A NEW ERA IN FOREST MANAGEMENT IN MYANMAR
Guided by REDD+, a new era of forest management is unfolding in Myanmar. In a country where deforestation and forest degradation account for some 80 per cent of greenhouse gas emissions, protecting forests is more important than ever. In 2010, Myanmar had the third highest annual rate of deforestation after Brazil and Indonesia, according to a report by FAO. In the face of this environmental challenge, the Government of Myanmar is committed to REDD+, and, since 2016, the country has been elaborat-ing its national REDD+ strategy with technical support from UN-REDD.
“REDD+ is very important for us because Myanmar is very sensitive to climate change,” says Ohn Win, Minister of Natural Resources and Environmental Conservation of Myanmar. “We need to protect our forests in order to protect our future.”
“REDD+ is very important for us because Myanmar is very sensitive to climate change,Ohn Win
In 2019, Myanmar marked a milestone in its REDD+ journey when it presented its national REDD+ strategy to diverse stakeholders for validation at a two-day workshop attended by nearly 200 participants in its capital city Nay Pyi Taw. The workshop was the culmination of a long and arduous two-year process during which 50 consultations were conducted across the country, spanning diverse sectors, including with government departments, line ministries, expert review committees, ethnic groups, ethnic armed organizations, civil society and indigenous peoples organizations.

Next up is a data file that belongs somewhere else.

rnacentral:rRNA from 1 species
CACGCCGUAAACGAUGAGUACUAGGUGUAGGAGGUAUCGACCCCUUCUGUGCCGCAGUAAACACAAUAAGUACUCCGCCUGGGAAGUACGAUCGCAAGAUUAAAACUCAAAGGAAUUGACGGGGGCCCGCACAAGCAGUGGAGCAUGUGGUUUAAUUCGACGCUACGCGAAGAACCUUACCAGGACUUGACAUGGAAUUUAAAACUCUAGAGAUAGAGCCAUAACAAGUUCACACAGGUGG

“If we are to collectively conserve and sustainably manage our forests, we must overcome our history and establish an era of trust,” says Ye Myint Swe, Deputy Minister at the Ministry of Natural Resources and Environmental Conservation of Myanmar. “It is an exciting time as we move towards a new era of forest management in Myanmar.”
Myanmar’s national REDD+ programme has created an invaluable forum for the Government to engage with groups it would not ordinarily interact with. “This is the first time that such a process has happened in Myanmar,” says Naw Ei Ei Min, director of POINT, an indigenous organization that works to ensure that the rights of indigenous peoples are protected during the REDD+ process. “The forestry department is the first Government agency to discuss indigenous peoples’ rights. By engaging in REDD+, we are engaging in our country’s peace process.”
The degree of difficulty of drafting the country’s national REDD+ strategy with so many diverse, and at times competing, voices and amid its ongoing internal conflict, should not be minimized. As noted by workshop participant, Sonny Mahinder, General Secretary of the All Burma Students’ Democratic Front: “Before 2013, I was in the jungle fighting against the military. Since then, I’ve become involved in the ongoing peace process. Our country is facing problems with deforestation. Everybody needs to work on fighting climate change, not only as a country, but also as individuals. REDD+ allows us to work together.”